It’s interesting, because when I was making the huge swing changes from swinging to hitting back in the late 1980’s, it was a very intense process for me because I was still playing on tour and didn’t feel like I had a lot of time to do it. I think it took me about 8 months before I didn’t have to think about it anymore.
In that time, I was using a lot of video and would go out to the soccer fields at the college and hit balls and shoot video, then go back home and watch it. After watching it, I would get really sleepy and take a nap for half an hour or slightly longer, then wake up refreshed with some new ideas or feelings… often I would go back out and re shoot and come back and go through that same process. Quick sleep sessions became an integral part of the process.
Sometimes I knew I couldn’t figure something out consciously, and that would make me tired and I would just take a nap. Usually I would wake with a feeling of wanting to try this or that. Often not what I was thinking or would have been thinking an hour or two before.
I just learned to trust this process and it certainly has credibility.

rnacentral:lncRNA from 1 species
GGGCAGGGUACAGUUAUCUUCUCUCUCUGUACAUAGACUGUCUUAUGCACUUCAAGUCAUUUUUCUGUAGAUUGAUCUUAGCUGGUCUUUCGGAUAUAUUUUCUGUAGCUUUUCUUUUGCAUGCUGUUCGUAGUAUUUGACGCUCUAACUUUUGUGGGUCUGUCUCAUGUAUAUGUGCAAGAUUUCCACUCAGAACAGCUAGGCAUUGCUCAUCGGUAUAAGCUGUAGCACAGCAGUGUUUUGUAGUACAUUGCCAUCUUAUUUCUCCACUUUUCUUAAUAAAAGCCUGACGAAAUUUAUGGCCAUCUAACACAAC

Interesting about sleep. I’m sure I read in one of the books that snoring is a sign that you have been engaged in deep practice.
Sleep is every bit as important in the learning process as the skill itself.
What does all that do for you exactly? I have a relationship with ibuprofen it seems almost weekly and wondering if the kidney will hold up into my 70s. Thought about joint suppliments but skeptical. As a past thrower my shoulders keep me up at night sometimes. Then the neck this week.
I’ve kinda rekindled my love with fitness again. I started back up 6 years ago and really got hooked. The personal trainers, going 5-7 days a week for an hour and half to two hours. Two months ago I logged in 88 miles of running as well. Enjoy the regimen feel and consistency of it. Very much like this swing training. It’s not about how much. It’s about form, and sticking to a real good routine. The testosterone gel and injections has really been a game changer for so many things.
Learning a proper golf swing is so similar. You can cheat it or rush it. Tackling both has been difficult. But I now use the swing training as a way to see what my body can and can’t do. And it really is great for stretching as well. Since I make my practice all in slow motion. And the heavier the equipment the more of a stretch I feel
Lost 46 lbs so far. And will keep going
This is a topic I’ve long had issues with and curious it doesn’t get more discussion in the golf world. This is my first post here, I’ve had a great dialogue with John by email over the summer and considered a trip out to see John. I’m 53, played all my life up to D1,some state pro events but I have three lumbar discs removed and fused, and now facing another fusion. Despite all this I can still play, I’ve lost some speed but I think I can get a lot of it back.